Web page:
In Bhairawa, a city bordering India, we spoke with the Superintendant of Police. He stated that this was one of the worst areas for “human smuggling” due to the close proximity to India. He explained that even when the crime of trafficking occurs across the border, they can still investigate. However, in order to take the perpetrator into custody, a special agreement must be signed with India to prove the case is strictly criminal. This is apparently very difficult to achieve.
An NGO called Saathi, located in the border city of Nepalgunj, runs a 25-bed shelter where women who are shunned from their communities can stay after becoming a victim of trafficking. During our meeting on the 19th of January, 2012 they reported already having ten cases of human trafficking that month. The victims are mainly uneducated, poor girls and boys from the Hill region. Their representative explained that sometimes parents “sell” their children willingly when times are difficult so the child can earn money for the family, or when they think it will be an opportunity for their child to have a better life. She estimated that around 40 percent of trafficking victims go willingly with a trafficker with the promise of work. When asked if there was any way to stop people from going abroad for work in countries known for slavery, it was explained that people would still go abroad because of economic and social problems in Nepal. Also since India and Nepal have an open boarder policy, human smuggling along the border is significantly easier.
Saathi spreads awareness about this issue via radio and newspapers and by having representatives travel extensively through the villages explaining their anti-human trafficking/domestic violence campaigns, providing trainings, and working closely with all village development committees.
Back in Kathmandu, we met with a representative of Maiti Nepal, an organization similar to Saathi, which has assisted nearly 15,000 victims of trafficking. They also provide care for children who have been trafficked or whose mothers have been trafficking victims. Because of their growing status among the international community, Maiti is able to rescue girls from Indian brothels upon petition from their parents. Sadly, 38 percent of those trafficked and rescued are HIV positive.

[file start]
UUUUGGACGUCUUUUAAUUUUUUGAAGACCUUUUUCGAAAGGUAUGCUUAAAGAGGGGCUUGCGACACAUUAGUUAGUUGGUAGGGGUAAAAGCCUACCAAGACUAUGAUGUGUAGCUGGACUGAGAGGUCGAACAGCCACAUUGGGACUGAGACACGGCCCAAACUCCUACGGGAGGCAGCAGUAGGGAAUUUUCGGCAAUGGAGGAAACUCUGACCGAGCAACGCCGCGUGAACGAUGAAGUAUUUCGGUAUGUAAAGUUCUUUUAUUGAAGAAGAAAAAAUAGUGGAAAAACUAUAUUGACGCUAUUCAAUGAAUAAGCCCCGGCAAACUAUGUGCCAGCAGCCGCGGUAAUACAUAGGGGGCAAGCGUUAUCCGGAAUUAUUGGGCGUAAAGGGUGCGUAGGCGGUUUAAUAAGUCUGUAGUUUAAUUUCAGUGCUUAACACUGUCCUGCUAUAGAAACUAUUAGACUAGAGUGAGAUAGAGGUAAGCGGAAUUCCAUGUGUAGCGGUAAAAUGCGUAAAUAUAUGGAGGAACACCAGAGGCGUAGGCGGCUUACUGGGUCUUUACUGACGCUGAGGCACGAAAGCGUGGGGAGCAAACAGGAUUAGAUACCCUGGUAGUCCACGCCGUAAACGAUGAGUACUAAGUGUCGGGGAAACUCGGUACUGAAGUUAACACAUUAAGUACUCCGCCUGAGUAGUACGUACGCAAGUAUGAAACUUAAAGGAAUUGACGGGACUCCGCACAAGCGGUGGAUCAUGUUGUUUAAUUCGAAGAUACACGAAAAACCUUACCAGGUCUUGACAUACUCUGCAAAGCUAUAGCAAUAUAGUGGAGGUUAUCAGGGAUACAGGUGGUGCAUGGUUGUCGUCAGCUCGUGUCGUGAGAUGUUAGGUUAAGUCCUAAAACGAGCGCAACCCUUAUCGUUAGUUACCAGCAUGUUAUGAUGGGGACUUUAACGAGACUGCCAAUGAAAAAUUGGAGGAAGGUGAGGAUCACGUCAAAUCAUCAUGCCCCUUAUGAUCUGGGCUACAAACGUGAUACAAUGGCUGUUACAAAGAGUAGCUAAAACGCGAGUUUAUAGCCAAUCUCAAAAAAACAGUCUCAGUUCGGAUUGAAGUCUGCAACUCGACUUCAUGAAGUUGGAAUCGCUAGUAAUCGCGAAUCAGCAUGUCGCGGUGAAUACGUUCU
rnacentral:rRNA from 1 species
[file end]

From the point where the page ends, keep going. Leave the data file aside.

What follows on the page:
The representative stated that the government is working to increase laws regarding human trafficking, but thus far, only about 600 traffickers have been prosecuted or convicted. This is due in part to bribery and corruption that exists within the government and the police force. The legal process is also severely hindered by political agendas, instability, and impunity.
Clearly, human trafficking is a major issue that complicates the Nepali’s fight to rebuild their country, form a stable government, and find a sense of structure in this post-conflict period. However, between Nepal’s open border policy with India, the glaring gap and utter lack of communication between government and the local level, and the impunity, lack of rule of law and unstable nature of the country, the struggle to eliminate human trafficking in Nepal is proving to be a difficult one. Nevertheless, it is inspiring to see the incredible hard work being done by extremely motivated and passionate people at the grassroots level and one can only hope that one day very soon their efforts will pay off.
Lauren Renda was in Nepal for a two-week field course titled “Challenges to Peacebuilding in Nepal” led by Dr. Pushpa Iyer of the Monterey Institute of International Studies. Lauren’s blog is part of a series of reflections by Dr. Iyer and her students on the challenges to building peace in this country after a decade long war. -Ed.
About the author: Lauren Renda is currently working on a Master's Degree in International Policy Studies at the Monterey Institute of International Studies with a focus in Conflict Resolution and Human Rights. Her areas of interest include peacebuilding, gender issues, and post-conflict reconstruction inspired in part by her recent field work in Nepal.